Other Sellers on Amazon
Alban Berg - Wozzeck / Adolf Dresen · Claudio Abbado - F. Grundheber · H. Behrens · Vienna State Opera
Frequently bought together
Customers who bought this item also bought
Claudio Abbado conducts the chorus and orchestra of the Vienna State Opera in a powerful recording of Alban Berg's influential opera, Wozzeck, a terrifyingly great portrayal of a soldier who is tormented and mocked by his superiors until he loses reason. Peter Mussbach's highly stylized production heightens the emotional intensity of this searing work and becomes an agonizing lament over lost innocence. Aage Haugland, Franz Grundheber, Heinz Zednik, Hildegard Behrens, Philip Langridge, Walter Raffeiner. 97 minutes.
Alban Berg's scalpel-like dissection of human baseness is compellingly captured in a 1987 Vienna State Opera production that emphasizes its often- overlooked lyricism. Based on George Buchner's play about a soldier's mad descent into murder, Berg fashioned a fast-moving exploration of both his protagonist's life and his own 12-tone music, utilized expressively throughout. As conducted by Claudio Abbado, the Vienna State Opera Orchestra and Chorus make Berg's usually difficult music utterly accessible. Franz Grundheber vividly conveys Wozzeck's descent into insanity, and Hildegard Behrens embodies his girlfriend Marie's mixture of innocence and sluttishness. Adolf Dresen's staging, thrillingly visualizing Berg's tense score, works its hair- raising magic best during the opera's climactic explosion of fatal violence. This performance of Wozzeck--sung in German with optional English subtitles, and with the Dolby 5.1 sound capably conveying the sheer aural creepiness permeating Berg's music--does justice to one of the true masterworks of 20th century opera. --Kevin Filipski
Would you like to tell us about a lower price?
If you are a seller for this product, would you like to suggest updates through seller support?
Top customer reviews
Abbado is certainly quite successful in his performance from the orchertral side of things, but Franz Grundheber is not quite as convincing as Wozzeck as he might be. He seems better in the Barenboim production on Teldec, more unhinged. It seems that the music is still so difficult to sing that it's doubly difficult to present such an ambiguous, strange character as Wozzeck. Take the scene with Andres, for example. Wozzeck here certainly seems to have strange obsessive ideas bodering on psychosis, but you can also see him as fairly logical in the previous scene with the captain, so how does one present this role? Grundheber doesn't quite rise to the challange. It's just a question of comparing him to others who have done the part as well to compare him to himself in his later performance for Barenboim and then decide who seems to be the most convincing as a character in this drama. Of course, there's the question of taste, as well as the fact that some may be merely supporting the DVD they spent money one and had hoped would be good. It's hard to be objective in those situations. I know.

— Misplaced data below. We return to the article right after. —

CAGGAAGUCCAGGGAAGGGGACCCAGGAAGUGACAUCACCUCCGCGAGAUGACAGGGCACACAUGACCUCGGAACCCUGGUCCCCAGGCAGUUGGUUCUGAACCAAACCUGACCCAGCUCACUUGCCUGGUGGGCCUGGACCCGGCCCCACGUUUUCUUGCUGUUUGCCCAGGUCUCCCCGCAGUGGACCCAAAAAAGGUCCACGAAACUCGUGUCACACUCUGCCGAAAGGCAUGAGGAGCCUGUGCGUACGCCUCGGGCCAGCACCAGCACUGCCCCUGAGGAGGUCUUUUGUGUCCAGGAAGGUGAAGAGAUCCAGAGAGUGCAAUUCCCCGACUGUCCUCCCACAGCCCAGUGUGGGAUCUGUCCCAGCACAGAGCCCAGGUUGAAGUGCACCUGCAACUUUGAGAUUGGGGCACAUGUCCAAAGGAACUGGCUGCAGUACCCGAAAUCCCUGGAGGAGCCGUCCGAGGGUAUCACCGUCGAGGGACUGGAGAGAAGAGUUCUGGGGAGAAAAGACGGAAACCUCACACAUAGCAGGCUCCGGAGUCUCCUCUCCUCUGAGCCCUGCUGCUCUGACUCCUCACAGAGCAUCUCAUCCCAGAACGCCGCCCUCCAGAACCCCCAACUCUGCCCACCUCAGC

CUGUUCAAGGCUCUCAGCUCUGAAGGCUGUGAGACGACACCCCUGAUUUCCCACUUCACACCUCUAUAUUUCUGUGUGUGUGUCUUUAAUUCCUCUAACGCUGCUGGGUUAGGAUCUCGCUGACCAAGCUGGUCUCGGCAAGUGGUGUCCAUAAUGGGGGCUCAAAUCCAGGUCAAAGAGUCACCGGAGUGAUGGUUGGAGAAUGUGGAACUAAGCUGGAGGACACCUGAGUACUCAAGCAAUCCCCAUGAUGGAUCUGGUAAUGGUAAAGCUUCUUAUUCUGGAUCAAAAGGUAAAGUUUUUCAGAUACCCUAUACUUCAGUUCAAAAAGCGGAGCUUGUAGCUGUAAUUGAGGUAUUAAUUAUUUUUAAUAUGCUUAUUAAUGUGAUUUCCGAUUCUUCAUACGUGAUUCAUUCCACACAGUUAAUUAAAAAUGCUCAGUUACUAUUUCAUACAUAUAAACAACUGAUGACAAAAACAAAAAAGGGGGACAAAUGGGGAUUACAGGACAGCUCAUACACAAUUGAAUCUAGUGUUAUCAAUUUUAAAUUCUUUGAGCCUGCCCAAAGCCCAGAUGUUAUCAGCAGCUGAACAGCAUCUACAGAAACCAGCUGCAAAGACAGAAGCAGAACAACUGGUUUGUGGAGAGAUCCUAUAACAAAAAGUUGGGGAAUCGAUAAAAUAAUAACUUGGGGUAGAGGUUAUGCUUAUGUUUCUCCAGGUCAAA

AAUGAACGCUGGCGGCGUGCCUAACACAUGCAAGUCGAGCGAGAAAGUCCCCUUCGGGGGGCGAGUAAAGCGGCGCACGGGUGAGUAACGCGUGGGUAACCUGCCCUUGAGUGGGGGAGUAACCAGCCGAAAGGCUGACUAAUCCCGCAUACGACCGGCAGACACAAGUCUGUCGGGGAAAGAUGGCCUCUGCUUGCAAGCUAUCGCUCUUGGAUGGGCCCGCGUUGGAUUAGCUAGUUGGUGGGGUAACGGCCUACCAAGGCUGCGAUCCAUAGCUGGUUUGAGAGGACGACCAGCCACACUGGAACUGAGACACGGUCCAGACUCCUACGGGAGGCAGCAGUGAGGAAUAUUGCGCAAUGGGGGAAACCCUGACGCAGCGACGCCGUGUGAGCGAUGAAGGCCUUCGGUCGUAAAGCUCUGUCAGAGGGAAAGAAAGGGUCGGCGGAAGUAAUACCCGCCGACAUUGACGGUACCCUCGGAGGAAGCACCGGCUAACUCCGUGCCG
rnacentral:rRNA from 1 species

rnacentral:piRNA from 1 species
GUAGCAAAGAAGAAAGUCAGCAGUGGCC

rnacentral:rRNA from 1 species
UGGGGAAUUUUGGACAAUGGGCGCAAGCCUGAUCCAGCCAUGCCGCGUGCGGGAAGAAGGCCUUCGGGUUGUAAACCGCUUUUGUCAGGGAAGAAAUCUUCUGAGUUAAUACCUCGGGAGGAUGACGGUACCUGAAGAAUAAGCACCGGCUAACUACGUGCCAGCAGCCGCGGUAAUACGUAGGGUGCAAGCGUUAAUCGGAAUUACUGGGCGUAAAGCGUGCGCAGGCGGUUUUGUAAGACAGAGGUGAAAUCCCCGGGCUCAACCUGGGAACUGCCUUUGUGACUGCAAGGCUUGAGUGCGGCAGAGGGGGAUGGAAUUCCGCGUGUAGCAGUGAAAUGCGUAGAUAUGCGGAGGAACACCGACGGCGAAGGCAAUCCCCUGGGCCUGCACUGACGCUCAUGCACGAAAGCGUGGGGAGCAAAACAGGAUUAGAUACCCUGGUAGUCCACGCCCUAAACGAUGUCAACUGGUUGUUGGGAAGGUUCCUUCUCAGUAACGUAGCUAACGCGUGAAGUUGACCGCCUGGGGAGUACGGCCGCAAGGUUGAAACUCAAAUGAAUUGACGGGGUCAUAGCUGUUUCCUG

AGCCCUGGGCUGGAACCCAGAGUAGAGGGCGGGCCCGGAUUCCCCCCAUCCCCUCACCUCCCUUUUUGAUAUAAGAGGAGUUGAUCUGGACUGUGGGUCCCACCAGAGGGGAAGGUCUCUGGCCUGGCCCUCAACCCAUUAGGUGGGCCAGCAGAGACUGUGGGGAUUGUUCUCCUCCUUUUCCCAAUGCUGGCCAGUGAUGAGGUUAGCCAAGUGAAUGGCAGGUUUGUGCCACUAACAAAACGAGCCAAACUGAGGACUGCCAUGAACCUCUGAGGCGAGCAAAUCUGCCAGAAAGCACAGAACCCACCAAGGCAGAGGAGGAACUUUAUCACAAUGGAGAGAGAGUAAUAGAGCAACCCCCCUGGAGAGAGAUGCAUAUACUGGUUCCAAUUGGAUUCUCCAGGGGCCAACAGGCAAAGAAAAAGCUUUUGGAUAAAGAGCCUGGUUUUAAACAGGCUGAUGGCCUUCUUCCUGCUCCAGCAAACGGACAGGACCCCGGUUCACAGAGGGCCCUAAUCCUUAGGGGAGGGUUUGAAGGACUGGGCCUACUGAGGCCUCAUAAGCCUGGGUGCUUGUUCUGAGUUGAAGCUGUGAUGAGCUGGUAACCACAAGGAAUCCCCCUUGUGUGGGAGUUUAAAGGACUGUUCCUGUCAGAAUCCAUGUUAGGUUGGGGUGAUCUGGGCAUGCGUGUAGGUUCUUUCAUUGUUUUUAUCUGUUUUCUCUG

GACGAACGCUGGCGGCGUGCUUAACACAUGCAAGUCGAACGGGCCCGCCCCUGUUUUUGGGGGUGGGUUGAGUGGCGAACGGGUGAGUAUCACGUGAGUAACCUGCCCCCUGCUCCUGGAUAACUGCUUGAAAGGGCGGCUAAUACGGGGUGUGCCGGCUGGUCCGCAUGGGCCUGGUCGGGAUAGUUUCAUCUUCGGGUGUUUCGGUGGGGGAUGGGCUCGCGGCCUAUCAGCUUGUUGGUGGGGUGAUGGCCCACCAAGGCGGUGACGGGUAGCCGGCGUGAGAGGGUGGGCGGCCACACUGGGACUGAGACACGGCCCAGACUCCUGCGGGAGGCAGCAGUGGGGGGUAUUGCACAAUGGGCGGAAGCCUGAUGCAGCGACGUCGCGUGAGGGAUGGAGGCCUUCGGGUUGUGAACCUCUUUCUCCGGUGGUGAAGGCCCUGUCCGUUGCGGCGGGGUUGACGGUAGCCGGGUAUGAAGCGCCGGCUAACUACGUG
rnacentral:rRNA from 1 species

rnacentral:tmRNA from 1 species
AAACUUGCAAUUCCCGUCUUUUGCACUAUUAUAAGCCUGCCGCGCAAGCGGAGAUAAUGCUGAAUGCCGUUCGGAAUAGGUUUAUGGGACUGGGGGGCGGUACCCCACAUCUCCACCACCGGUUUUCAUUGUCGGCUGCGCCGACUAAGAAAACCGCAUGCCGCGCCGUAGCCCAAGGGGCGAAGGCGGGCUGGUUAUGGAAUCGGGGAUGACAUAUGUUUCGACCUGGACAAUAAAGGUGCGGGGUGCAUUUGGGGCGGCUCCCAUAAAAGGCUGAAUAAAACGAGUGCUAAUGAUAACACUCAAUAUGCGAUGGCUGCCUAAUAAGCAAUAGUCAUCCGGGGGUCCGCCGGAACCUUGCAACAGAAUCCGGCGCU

In summary, you can purchase this DVD in the knowledge that this is one of the best productions of this great opera--the small stage and sets and costumes certainly give us Berg's work as it was probably first seen in the 20s. It's just that there is probably no definitive "Wozzeck" either on cd or dvd, and there may never be. So, get this one and the Bohm (or Boulez) on cd, and wait for the new Levine.
In an era where directors are encouraged to trample all over composers' directions (even in the most ludicrous ways imaginable!), this film is a salutary shot in the arm and a joy to see for those more traditionally minded like myself!! Only one set I could criticise as being somewhat too stark (Act I Scene 2 could have been a bit more elaborate with its background depiction of the town...); also, there are a few cases where the composers' directions could have been followed even more stringently - however, although it's not perfect, it's very good indeed!!!
While I could wish for a few things likewise to be different with the conducting (personal taste - also, am I right in my growing suspicion that, somehow, DVD audio isn't quite completely as good as that of a real CD?!??), I think everybody does a superb job!! Top kudos for me go to Hildegard Behrens as Marie as well as to both Aage Haugland as the quack "Doktor" and Heinz Zednik (in spite of a few wrong notes that want to go tonal...) as the Captain, though nobody is a slouch here in the least. Perhaps one could have wished for a little more poetry in the title rôle (something Fischer-Dieskau gives us with Böhm); however, Grundheber does a fine job, nothing to complain about. Most certainly I'm most favourably impressed by Frau Behrens!! I not only love her voice and musicianship (also a superb actress - she's more than totally believable in her rôle!), also most appealing is the way she handles the Sprechstimme portions in Act III Scene 1 - better in my opinion than Evelyn Lear for Karl Böhm (it's better to err on the side of singing when handling that ferociously-difficult kind of declamation than on the side of speaking, and Behrens' feeling for it is so classy!!!!). Bravissima, wirklich Prächtig!!!
Most recent customer reviews
Yes Hildegard Behrens is wonderful, and Grundheber is more than adequate in the title role, but the ones to watch closely are "Hauptmann" Heinz...Read more
What other items do customers buy after viewing this item?
Look for similar items by category
- Movies & TV > Genre for Featured Categories > Arts & Entertainment
- Movies & TV > Genre for Featured Categories > Performing Arts
- Movies & TV > Genre for Featured Categories > Special Interests
- Movies & TV > Indie & Art House
- Movies & TV > Movies
- Movies & TV > Musicals & Performing Arts > Classical
- Movies & TV > Musicals & Performing Arts > Opera